“I hear you guys are the social media gurus in this area. Can you help us blow out our efforts on LinkedIn, Twitter and Facebook?”
These were seemingly innocent words from a prospective client, spoken just last week. As we dug a bit deeper, the red flags started flying. He wants help with social media only, and wants to address only those three properties. He doesn’t want us to worry about how the website, blog, search, email or other areas might impact social media. He is concerned about tracking the effort, but his tracking and measurement will focus on volume of followers, friends and connections.
He wants a Social Media Superhero. The superhero he wants doesn’t possess super human powers and is not dedicated to protecting the public. The superhero he is after is the type that can make his company look “hip” and “in the know”. He is convinced this is what he needs because he read a book by a Social Media Superhero, a book that – not surprisingly – offered subtle plugs for the idea of hiring a Social Media Superhero.
He doesn’t need a Social Media Superhero. He needs a Marketing Superhero who possesses social media powers and skills, or who can access people with those powers and skills.
I’d say that over half the companies we talk to start with this Social Media Superhero mindset. They view social media as a set of properties that they need to address one-by-one, and they are focused on establishing a “presence” on each of those properties. If no one challenges that viewpoint successfully, they decide to hire a Twitter guy. Or a Facebook gal. Or my favorite – a LinkedIn optimization firm. With Spider-Man, Wonder Woman and Batman on board, how can this social media thing fail?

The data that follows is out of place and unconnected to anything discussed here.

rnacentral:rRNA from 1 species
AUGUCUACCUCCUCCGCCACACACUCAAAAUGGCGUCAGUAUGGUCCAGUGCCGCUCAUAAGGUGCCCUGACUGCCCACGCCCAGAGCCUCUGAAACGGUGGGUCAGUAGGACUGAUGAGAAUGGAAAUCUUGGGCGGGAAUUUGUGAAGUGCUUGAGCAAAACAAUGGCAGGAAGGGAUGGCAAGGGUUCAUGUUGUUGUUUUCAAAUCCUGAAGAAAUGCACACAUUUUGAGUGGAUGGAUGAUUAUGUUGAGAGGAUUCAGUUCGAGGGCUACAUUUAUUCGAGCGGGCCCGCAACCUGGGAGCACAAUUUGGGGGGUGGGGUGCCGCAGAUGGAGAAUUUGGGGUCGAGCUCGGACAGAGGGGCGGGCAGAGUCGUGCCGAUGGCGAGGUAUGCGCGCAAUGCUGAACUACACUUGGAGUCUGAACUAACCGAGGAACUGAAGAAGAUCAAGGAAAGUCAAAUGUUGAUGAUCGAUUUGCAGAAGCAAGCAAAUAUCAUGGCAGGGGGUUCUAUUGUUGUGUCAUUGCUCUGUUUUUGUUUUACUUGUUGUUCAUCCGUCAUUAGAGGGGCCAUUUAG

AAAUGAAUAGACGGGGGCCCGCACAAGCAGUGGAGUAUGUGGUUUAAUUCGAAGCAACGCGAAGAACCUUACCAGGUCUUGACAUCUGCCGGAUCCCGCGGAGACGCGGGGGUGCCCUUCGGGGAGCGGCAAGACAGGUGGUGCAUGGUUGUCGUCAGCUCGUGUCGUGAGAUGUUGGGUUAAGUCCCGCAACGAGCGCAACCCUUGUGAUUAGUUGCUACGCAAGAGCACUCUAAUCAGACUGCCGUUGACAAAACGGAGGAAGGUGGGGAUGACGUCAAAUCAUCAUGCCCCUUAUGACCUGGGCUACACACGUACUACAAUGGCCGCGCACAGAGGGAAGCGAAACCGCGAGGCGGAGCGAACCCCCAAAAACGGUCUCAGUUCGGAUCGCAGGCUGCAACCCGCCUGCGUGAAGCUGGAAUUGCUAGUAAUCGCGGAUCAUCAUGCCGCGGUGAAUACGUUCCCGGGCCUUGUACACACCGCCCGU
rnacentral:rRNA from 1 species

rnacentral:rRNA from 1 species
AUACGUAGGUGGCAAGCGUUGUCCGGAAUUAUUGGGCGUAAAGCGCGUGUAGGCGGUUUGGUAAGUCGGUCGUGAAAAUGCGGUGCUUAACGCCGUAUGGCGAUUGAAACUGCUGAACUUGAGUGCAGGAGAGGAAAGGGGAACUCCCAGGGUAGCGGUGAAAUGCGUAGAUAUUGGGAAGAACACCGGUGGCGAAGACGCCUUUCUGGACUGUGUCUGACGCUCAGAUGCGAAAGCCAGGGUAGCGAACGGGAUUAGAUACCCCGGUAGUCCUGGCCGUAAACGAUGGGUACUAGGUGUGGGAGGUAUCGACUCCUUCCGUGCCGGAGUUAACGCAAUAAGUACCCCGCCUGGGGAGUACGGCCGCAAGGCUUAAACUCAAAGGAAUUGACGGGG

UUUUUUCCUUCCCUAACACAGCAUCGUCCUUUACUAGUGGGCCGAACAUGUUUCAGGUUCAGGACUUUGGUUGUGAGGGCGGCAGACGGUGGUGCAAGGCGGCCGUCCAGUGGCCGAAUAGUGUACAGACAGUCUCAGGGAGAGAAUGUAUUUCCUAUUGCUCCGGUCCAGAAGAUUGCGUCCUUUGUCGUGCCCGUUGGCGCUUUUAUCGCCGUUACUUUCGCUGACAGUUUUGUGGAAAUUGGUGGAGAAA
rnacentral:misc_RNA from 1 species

While I’d like to chalk up this mindset to the relative youth of social media as a marketing vehicle, that’s just letting folks off the hook. The reality is that this mindset existed even in the old days, and when I say old days I mean 10 years ago. While working in the interactive sports industry, I consistently interviewed candidates that professed to “know their way around Sports Illustrated” or “have a great sense for how to maximize what we’re doing with ESPN the Magazine.”
In those situations, the thought bubble above my head always read, “Great. I buy advertising from Sports Illustrated and ESPN the Magazine. I can get to anyone I want to get to at those places because I spend a lot of money. Got any creative ideas, or know how to build a plan? No? Next candidate please.”
Strategy and execution are two very different pieces of the puzzle. To steal a concept from Seth Godin, I can find a slew of factory workers to build standard Facebook fan pages and to maintain a Twitter account. That’s execution. I can count on two hands the folks I know that can handle the strategy side of social media in a superhero-esque way.
So next time Mr. Prospect, be impressed with the ideas. Be impressed with the organization of those ideas. Be impressed with the person who is generating these ideas. Be impressed with the plan.
You don’t need a Social Media Superhero. You need a Marketing Superhero.
After all, no one ever got fired for hiring Superman, right?